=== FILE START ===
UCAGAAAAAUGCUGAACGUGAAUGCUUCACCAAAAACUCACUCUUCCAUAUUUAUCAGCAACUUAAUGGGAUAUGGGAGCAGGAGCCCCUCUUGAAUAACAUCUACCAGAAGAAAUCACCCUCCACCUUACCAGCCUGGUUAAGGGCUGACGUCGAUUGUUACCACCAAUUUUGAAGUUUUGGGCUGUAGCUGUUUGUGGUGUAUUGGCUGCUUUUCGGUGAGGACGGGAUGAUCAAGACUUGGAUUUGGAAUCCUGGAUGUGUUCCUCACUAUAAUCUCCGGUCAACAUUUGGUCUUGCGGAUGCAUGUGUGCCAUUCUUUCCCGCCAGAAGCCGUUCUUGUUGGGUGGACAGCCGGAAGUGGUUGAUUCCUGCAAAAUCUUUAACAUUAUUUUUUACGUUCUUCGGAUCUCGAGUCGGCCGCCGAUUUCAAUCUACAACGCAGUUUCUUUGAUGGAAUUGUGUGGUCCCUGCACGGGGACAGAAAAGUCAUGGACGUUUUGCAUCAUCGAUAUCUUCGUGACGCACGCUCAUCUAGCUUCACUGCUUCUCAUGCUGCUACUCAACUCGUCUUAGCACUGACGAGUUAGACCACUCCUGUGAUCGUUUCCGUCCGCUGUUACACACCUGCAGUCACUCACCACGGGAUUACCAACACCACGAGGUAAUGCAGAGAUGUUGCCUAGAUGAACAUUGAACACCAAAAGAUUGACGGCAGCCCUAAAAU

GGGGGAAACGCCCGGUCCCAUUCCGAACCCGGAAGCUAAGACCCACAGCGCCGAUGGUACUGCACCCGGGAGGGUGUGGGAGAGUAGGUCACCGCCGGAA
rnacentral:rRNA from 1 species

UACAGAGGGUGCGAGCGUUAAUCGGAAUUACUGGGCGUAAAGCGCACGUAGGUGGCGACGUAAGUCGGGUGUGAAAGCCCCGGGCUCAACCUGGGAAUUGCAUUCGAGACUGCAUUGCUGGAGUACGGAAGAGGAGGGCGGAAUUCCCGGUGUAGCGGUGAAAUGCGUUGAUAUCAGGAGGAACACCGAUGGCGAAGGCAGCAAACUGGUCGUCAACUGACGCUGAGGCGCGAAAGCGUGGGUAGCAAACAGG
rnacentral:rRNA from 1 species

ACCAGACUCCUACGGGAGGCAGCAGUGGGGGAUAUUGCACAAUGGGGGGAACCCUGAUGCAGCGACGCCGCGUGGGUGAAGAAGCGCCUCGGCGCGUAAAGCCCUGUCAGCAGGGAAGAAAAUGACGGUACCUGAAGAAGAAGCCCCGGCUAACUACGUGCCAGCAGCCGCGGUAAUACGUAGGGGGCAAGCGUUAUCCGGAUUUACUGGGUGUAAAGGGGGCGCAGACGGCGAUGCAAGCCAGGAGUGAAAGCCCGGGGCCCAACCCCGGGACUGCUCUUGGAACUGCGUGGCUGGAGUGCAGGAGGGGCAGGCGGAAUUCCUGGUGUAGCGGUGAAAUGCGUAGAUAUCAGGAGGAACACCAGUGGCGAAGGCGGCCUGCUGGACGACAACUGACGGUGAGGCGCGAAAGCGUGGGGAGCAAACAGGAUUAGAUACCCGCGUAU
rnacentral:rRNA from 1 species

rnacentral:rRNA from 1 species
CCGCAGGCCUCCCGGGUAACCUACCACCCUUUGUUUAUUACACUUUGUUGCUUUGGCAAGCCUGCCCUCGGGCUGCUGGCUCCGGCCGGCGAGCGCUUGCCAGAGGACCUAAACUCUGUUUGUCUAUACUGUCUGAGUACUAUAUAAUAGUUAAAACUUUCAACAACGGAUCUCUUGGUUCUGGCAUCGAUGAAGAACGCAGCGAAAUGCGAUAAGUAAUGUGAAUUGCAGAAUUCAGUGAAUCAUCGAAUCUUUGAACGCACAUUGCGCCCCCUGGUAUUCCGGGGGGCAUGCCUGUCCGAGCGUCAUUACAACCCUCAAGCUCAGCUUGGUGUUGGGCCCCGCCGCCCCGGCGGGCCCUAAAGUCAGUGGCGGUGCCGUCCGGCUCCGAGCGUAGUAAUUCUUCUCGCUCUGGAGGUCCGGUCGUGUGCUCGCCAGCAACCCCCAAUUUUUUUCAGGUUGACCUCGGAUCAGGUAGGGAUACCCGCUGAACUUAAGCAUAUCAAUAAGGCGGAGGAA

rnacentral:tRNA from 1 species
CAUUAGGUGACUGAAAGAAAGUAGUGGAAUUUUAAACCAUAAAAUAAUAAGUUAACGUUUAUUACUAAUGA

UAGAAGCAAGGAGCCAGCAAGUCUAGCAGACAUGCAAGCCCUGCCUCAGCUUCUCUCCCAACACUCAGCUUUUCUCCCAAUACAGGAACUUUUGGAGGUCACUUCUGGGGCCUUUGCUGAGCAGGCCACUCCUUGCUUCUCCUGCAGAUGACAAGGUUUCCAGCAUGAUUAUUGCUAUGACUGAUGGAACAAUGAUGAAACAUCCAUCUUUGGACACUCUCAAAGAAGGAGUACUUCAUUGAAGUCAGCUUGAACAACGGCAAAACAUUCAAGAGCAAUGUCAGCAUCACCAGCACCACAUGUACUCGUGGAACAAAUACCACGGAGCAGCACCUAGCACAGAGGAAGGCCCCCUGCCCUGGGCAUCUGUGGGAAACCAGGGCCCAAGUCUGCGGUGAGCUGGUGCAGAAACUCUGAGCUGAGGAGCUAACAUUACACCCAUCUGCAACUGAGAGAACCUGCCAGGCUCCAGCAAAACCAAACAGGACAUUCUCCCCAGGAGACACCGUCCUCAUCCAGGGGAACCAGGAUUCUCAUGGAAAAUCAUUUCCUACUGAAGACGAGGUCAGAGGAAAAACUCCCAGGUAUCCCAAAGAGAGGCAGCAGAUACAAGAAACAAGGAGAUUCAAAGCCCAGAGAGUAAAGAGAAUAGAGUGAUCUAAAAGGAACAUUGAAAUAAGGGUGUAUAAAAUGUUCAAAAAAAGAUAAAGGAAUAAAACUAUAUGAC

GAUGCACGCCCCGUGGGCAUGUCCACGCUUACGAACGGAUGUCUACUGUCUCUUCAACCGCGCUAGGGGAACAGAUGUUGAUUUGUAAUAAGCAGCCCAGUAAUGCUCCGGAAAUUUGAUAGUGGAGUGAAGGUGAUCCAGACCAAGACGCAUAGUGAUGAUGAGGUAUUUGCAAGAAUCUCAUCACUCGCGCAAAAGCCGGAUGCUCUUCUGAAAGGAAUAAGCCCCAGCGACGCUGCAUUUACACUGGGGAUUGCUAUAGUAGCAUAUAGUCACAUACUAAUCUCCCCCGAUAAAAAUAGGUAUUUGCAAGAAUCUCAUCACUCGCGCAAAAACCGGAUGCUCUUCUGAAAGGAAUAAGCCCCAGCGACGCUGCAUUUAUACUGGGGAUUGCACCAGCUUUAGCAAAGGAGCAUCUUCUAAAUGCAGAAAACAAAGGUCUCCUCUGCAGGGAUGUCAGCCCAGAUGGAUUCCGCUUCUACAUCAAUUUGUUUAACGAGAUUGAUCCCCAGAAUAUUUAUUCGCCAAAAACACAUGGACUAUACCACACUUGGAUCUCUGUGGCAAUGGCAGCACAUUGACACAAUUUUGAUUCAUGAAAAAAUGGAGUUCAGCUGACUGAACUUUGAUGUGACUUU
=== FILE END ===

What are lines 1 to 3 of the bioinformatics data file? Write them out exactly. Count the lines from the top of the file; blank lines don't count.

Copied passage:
UCAGAAAAAUGCUGAACGUGAAUGCUUCACCAAAAACUCACUCUUCCAUAUUUAUCAGCAACUUAAUGGGAUAUGGGAGCAGGAGCCCCUCUUGAAUAACAUCUACCAGAAGAAAUCACCCUCCACCUUACCAGCCUGGUUAAGGGCUGACGUCGAUUGUUACCACCAAUUUUGAAGUUUUGGGCUGUAGCUGUUUGUGGUGUAUUGGCUGCUUUUCGGUGAGGACGGGAUGAUCAAGACUUGGAUUUGGAAUCCUGGAUGUGUUCCUCACUAUAAUCUCCGGUCAACAUUUGGUCUUGCGGAUGCAUGUGUGCCAUUCUUUCCCGCCAGAAGCCGUUCUUGUUGGGUGGACAGCCGGAAGUGGUUGAUUCCUGCAAAAUCUUUAACAUUAUUUUUUACGUUCUUCGGAUCUCGAGUCGGCCGCCGAUUUCAAUCUACAACGCAGUUUCUUUGAUGGAAUUGUGUGGUCCCUGCACGGGGACAGAAAAGUCAUGGACGUUUUGCAUCAUCGAUAUCUUCGUGACGCACGCUCAUCUAGCUUCACUGCUUCUCAUGCUGCUACUCAACUCGUCUUAGCACUGACGAGUUAGACCACUCCUGUGAUCGUUUCCGUCCGCUGUUACACACCUGCAGUCACUCACCACGGGAUUACCAACACCACGAGGUAAUGCAGAGAUGUUGCCUAGAUGAACAUUGAACACCAAAAGAUUGACGGCAGCCCUAAAAU

GGGGGAAACGCCCGGUCCCAUUCCGAACCCGGAAGCUAAGACCCACAGCGCCGAUGGUACUGCACCCGGGAGGGUGUGGGAGAGUAGGUCACCGCCGGAA
rnacentral:rRNA from 1 species